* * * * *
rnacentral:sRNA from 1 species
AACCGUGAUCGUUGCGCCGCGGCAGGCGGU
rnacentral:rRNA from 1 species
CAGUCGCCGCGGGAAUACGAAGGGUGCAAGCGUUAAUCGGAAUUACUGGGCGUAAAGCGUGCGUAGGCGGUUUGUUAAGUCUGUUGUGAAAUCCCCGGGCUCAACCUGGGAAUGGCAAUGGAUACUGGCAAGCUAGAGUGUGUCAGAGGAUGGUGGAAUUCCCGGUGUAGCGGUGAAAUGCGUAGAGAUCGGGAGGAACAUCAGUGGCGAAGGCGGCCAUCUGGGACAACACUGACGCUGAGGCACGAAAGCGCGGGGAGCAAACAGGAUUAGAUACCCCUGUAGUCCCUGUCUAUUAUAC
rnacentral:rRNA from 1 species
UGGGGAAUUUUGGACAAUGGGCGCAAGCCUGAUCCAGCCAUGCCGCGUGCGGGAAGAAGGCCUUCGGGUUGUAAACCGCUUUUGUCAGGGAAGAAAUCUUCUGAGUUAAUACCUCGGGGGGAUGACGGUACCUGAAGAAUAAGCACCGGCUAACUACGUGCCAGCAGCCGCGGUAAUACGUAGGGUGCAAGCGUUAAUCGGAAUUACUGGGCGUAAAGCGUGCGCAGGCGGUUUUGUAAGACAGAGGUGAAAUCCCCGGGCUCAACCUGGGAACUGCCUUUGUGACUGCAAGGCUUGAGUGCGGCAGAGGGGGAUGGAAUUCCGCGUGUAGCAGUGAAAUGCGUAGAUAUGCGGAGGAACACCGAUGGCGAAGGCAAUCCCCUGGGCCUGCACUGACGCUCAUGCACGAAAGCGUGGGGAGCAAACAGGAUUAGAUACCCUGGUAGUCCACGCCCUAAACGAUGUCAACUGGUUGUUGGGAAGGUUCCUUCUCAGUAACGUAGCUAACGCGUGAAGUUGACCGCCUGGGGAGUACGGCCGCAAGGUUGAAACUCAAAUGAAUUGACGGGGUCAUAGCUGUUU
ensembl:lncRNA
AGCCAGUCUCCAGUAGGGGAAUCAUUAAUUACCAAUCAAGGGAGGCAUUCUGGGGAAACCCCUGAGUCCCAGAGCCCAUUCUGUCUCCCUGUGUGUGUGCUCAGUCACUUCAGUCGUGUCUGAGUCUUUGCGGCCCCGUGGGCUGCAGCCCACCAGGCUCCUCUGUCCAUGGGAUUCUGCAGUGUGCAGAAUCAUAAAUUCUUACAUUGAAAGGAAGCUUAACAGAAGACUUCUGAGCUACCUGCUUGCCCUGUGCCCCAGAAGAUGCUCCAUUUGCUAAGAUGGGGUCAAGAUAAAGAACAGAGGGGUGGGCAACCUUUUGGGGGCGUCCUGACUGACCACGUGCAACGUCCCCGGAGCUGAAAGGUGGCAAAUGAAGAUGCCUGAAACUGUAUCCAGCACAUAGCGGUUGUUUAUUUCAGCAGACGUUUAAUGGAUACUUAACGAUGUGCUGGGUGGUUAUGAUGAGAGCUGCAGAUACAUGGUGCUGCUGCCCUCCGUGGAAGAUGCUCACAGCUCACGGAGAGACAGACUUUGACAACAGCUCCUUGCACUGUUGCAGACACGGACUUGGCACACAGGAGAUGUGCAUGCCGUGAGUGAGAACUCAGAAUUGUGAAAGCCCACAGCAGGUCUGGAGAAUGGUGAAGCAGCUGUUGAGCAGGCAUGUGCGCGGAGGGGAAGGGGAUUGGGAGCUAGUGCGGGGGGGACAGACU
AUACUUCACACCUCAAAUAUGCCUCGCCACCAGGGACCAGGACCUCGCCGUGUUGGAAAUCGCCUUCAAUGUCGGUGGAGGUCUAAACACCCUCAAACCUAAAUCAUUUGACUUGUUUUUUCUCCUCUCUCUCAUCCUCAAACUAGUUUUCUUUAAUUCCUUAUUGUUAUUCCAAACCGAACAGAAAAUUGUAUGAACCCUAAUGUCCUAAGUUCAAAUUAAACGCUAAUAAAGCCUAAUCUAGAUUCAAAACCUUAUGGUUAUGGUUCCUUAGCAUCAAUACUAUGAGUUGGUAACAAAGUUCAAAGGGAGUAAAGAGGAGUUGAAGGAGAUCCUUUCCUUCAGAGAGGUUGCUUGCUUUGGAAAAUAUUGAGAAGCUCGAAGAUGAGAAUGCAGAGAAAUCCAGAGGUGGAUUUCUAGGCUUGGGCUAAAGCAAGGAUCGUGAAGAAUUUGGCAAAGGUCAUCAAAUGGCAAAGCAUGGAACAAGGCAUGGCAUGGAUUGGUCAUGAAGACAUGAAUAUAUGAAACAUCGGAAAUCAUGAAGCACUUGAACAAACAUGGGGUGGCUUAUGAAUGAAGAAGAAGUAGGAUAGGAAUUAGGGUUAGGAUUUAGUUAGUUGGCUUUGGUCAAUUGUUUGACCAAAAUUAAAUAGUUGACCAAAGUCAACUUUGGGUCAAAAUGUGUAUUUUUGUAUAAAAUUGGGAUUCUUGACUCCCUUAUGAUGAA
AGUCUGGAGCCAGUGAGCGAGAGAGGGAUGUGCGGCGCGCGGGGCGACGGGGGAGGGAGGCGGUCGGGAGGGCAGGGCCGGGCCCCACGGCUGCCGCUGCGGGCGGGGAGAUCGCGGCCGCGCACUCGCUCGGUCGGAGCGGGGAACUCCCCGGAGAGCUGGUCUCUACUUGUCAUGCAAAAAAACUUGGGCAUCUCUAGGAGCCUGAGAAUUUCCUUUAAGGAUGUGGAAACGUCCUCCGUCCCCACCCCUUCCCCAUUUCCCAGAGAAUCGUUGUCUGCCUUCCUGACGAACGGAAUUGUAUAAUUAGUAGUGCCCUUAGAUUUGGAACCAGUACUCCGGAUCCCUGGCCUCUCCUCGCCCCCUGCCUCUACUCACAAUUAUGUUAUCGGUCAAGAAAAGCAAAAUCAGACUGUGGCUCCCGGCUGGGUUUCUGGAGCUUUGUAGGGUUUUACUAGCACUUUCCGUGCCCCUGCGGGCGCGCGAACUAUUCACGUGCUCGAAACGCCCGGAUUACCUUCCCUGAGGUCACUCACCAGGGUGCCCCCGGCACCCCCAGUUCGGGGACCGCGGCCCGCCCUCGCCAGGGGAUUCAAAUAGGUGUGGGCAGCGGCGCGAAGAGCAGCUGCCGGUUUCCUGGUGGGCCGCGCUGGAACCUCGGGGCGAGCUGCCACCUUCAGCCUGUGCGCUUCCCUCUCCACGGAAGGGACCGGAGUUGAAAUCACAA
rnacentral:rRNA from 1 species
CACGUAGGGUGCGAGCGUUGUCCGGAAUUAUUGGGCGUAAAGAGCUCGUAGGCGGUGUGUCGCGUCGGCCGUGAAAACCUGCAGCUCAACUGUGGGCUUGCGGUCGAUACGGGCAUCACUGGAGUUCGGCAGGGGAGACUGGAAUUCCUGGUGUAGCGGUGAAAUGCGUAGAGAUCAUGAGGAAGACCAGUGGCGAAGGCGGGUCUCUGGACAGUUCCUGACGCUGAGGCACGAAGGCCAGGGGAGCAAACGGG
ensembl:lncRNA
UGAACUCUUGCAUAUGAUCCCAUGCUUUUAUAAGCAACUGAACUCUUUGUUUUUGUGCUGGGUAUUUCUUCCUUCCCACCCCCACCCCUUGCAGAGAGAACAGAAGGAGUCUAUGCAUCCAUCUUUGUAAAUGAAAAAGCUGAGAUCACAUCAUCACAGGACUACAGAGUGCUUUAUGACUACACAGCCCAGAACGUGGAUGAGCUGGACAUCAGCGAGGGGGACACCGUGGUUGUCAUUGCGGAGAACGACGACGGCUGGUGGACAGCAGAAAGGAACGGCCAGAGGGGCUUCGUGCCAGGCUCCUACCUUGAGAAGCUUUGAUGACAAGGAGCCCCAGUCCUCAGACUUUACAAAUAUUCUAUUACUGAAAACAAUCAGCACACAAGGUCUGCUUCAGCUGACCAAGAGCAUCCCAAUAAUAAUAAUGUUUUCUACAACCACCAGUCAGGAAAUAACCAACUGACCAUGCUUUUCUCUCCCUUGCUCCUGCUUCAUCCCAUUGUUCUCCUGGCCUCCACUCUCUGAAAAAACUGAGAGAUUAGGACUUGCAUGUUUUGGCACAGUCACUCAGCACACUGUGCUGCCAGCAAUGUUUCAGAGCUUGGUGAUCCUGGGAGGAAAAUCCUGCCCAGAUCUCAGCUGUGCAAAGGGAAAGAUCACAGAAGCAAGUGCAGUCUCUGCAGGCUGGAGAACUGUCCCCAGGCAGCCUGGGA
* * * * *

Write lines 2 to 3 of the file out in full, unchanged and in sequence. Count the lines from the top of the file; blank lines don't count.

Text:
AACCGUGAUCGUUGCGCCGCGGCAGGCGGU
rnacentral:rRNA from 1 species